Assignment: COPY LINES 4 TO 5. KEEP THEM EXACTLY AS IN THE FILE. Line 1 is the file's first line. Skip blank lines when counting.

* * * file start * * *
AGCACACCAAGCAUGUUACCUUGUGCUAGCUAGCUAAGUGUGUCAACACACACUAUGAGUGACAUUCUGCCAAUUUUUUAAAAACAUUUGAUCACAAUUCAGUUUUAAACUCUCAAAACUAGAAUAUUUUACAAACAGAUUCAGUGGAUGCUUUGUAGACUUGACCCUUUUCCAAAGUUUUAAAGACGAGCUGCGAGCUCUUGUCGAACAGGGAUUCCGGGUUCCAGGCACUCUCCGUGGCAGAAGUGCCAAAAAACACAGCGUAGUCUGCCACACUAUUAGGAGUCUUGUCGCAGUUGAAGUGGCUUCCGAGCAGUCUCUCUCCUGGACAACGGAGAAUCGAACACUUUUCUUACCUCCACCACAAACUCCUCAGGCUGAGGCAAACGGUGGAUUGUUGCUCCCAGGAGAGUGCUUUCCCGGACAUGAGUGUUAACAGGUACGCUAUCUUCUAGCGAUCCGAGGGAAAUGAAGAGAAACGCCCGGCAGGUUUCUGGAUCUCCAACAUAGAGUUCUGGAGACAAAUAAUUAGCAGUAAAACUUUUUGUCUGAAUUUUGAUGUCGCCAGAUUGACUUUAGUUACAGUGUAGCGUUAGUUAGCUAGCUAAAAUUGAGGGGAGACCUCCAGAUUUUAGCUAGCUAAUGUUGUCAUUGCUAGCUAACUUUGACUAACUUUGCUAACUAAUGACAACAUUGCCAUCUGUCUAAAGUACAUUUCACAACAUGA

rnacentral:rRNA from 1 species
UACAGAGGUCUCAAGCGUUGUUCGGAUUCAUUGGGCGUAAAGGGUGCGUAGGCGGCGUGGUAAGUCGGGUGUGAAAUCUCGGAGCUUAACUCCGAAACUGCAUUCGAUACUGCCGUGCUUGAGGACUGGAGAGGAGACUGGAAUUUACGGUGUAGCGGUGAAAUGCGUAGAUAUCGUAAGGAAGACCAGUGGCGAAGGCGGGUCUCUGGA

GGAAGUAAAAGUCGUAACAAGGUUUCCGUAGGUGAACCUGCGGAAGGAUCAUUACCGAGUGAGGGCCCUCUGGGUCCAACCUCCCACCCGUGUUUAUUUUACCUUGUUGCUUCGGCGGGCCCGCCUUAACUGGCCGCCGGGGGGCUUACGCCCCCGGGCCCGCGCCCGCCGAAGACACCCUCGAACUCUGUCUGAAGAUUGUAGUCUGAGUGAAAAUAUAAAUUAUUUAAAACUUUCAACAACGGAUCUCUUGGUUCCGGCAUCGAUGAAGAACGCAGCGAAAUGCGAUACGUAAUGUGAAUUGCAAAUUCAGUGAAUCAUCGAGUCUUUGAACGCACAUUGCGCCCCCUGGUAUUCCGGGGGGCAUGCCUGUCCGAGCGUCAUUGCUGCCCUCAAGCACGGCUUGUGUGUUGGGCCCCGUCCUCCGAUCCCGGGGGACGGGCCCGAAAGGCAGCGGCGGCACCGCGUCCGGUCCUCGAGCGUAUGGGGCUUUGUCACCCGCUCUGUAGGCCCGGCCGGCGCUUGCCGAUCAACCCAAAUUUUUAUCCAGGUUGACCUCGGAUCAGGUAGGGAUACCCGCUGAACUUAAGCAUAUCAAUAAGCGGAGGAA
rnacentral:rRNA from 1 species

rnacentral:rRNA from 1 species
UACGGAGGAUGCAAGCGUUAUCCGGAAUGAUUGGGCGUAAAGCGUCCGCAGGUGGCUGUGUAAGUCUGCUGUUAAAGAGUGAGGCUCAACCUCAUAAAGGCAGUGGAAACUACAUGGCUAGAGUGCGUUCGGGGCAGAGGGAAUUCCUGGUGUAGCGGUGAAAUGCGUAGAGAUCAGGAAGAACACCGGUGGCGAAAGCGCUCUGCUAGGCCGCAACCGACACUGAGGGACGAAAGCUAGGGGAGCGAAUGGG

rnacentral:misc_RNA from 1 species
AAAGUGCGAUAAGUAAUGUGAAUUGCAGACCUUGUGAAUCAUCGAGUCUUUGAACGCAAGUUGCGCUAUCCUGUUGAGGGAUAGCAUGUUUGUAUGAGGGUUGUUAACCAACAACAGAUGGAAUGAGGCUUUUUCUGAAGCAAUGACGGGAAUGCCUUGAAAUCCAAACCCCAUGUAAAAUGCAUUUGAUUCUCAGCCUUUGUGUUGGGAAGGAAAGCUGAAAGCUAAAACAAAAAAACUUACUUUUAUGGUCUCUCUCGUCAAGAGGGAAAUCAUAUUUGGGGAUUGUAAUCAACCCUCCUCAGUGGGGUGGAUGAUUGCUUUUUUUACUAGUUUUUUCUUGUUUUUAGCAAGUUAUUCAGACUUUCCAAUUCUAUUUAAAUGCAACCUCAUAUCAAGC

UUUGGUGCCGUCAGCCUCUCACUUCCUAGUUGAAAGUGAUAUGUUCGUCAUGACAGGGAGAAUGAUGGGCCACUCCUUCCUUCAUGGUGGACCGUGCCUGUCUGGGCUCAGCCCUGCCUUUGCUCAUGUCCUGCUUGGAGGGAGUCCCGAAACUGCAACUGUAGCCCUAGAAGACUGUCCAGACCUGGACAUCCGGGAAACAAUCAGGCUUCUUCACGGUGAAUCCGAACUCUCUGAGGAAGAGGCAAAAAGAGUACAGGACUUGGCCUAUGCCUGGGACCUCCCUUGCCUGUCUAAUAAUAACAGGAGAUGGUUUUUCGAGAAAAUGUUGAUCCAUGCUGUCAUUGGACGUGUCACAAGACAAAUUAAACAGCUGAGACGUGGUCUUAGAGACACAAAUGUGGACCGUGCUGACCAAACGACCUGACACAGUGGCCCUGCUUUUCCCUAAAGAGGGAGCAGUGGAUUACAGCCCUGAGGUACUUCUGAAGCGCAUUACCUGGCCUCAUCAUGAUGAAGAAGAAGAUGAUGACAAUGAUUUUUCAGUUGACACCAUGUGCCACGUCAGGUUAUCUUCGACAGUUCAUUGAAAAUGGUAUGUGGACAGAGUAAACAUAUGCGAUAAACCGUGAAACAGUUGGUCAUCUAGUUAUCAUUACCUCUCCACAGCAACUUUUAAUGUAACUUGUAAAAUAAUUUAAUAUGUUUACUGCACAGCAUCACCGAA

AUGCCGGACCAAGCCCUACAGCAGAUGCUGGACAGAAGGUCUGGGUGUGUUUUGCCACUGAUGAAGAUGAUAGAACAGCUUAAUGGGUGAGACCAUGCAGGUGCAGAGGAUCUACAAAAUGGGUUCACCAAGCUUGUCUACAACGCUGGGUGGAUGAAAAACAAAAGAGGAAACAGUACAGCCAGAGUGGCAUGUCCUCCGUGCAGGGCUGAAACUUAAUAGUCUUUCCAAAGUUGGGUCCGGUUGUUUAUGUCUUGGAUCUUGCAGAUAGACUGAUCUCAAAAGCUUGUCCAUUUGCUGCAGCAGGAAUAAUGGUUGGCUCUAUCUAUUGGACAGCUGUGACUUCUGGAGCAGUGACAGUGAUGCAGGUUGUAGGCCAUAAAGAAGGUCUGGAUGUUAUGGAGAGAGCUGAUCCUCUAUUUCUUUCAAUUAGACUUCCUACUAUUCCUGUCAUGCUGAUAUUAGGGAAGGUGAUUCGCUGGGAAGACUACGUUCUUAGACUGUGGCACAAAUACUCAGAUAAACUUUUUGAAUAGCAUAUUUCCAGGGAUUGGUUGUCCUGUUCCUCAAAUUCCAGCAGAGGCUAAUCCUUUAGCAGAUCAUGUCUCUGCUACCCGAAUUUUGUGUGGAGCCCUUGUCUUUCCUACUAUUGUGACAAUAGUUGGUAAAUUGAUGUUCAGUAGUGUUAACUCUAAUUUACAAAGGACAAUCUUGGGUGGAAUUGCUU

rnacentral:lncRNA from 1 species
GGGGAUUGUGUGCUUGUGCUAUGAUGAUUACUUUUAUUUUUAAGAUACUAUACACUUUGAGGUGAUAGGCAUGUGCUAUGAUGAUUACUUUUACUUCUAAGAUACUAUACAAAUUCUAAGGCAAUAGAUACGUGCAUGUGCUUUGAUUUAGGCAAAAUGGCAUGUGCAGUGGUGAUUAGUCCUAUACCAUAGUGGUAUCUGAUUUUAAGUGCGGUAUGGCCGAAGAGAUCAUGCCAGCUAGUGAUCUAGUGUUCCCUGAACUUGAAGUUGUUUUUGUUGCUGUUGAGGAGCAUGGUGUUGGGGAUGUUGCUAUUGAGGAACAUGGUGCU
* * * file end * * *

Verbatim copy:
GGAAGUAAAAGUCGUAACAAGGUUUCCGUAGGUGAACCUGCGGAAGGAUCAUUACCGAGUGAGGGCCCUCUGGGUCCAACCUCCCACCCGUGUUUAUUUUACCUUGUUGCUUCGGCGGGCCCGCCUUAACUGGCCGCCGGGGGGCUUACGCCCCCGGGCCCGCGCCCGCCGAAGACACCCUCGAACUCUGUCUGAAGAUUGUAGUCUGAGUGAAAAUAUAAAUUAUUUAAAACUUUCAACAACGGAUCUCUUGGUUCCGGCAUCGAUGAAGAACGCAGCGAAAUGCGAUACGUAAUGUGAAUUGCAAAUUCAGUGAAUCAUCGAGUCUUUGAACGCACAUUGCGCCCCCUGGUAUUCCGGGGGGCAUGCCUGUCCGAGCGUCAUUGCUGCCCUCAAGCACGGCUUGUGUGUUGGGCCCCGUCCUCCGAUCCCGGGGGACGGGCCCGAAAGGCAGCGGCGGCACCGCGUCCGGUCCUCGAGCGUAUGGGGCUUUGUCACCCGCUCUGUAGGCCCGGCCGGCGCUUGCCGAUCAACCCAAAUUUUUAUCCAGGUUGACCUCGGAUCAGGUAGGGAUACCCGCUGAACUUAAGCAUAUCAAUAAGCGGAGGAA
rnacentral:rRNA from 1 species